Dying aspens in the middle of a low elevation aspen stand

Transitioning toward the future

In the years ahead, Anderegg hopes to move into the second phase of the experiment: testing how these two species will respond to CO2 fertilization. He says, “We need to make these measurements over multiple years and many environmental conditions to start to get at how much plasticity any individual plant can manifest (plasticity is the amount that a plant can change its physiology in response to climate change. So if this condition happened, how likely is the plant to respond in a particular way over time) and what the long term trajectories are in these hydraulic traits. We’ve gotten measurements at the height of a significant drought and then another medium year following that drought. We want to transition toward a long-term monitoring perspective that hopefully will give us the information we need to start thinking about how CO2 then plays in.” 

You can learn more about Leander Anderegg’s research here: ldlanderegg.com

Reference

Kolb KJ, Sperry JS, Lamont BB (1996) A method for measuring xylem hydraulic conductance and embolism in entire root and shoot systems. Journal of Experimental Botany. 47:304, pg 1805-1810

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Chalk Talk: Why is Humidity Relative?

Dr. Colin Campbell, a senior research scientist at METER Group, as well as adjunct faculty at Washington State University teaches about relative humidity.

Comparing RH at different research sites can be a challenge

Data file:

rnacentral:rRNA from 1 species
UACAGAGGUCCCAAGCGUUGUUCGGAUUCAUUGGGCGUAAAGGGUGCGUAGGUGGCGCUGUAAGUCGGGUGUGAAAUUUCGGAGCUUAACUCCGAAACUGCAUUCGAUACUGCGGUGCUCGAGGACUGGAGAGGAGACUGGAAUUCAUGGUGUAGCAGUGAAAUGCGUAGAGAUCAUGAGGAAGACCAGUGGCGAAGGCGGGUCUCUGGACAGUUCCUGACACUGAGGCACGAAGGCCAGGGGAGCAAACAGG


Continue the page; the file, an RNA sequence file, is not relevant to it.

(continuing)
Watch the video to find out why we use the term relative humidity and why comparing RH at different research sites can be a challenge.

 

Video transcript

Why is humidity relative?

Hi, I’m Dr. Colin Campbell. I’m a senior research scientist here at METER Group, as well as adjunct faculty up at Washington State University. And I teach a class in environmental biophysics. And today, we’re going to be talking about relative humidity. Have you ever looked at a weather report and wondered, what do they mean by the term relative? Why aren’t we talking about absolute things? And so today I’m going to talk about what is relative humidity? Well, relative humidity we’re going to define here as just hr. And hr is equal to the partial pressure of water vapor in air divided by the saturation vapor pressure or the maximum possible partial pressure of water in air as a function of temperature. So this is relative because anytime we have a partial pressure of water vapor, we’re always dividing it by the maximum possible water vapor that could be in the air at any point.